Rock the presidents (cultural planning and the national experience in DC)
When I worked at the Center for Science in the Public Interest, which had an alcohol policies project, I was somewhat derisive of a "study" the organization did which concluded that elementary school children could name more alcoholic beverage products than they could of past Presidents of the United States.
The high-energy production brings to mind the popular educational series "School House Rock," with catchy lyrics, infectious melodies and entertaining visuals that appeal to children in the crowd and the adults sitting next to them.
"The appeal has been so wonderful across those ages. The response is more than we hoped for," said director Anthony Runfola after the production's debut over President's Day weekend. "I saw a grandmother making the rock-and-roll horn sign and rocking out."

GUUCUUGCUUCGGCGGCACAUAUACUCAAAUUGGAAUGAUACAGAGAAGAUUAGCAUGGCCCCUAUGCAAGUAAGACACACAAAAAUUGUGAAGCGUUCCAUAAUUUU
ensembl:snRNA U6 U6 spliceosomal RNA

The production features a cast of three Secret Service agents who serve as guides that recap the last 223 years and 44 presidents they've traveled with and protected over time. Their role is to help the audience understand who these men were and their contributions to history, said Yolanda London, who plays one of the agents.
London talked about a little girl, 6, who had seen the production and declared that her favorite president was Millard Fillmore, the 13th commander-in-chief.
"That's amazing to me," she said of the new, hip take on presidential history. "I think it resonates with people."
In the past, when the Children's Museum was on H Street, I suggested building more child-oriented attractions around the Museum, to strengthen and extend the experience. Similarly, with regard to proposals for Poplar Point, one example of a model of a cultural asset that could be created there is Charlotte, NC's ImaginOn children's theater.
A children's theater production like "Rock the Presidents" could be a great moneymaker in DC, focused on the tourist market, and the money generated could support many other programs focused on local markets.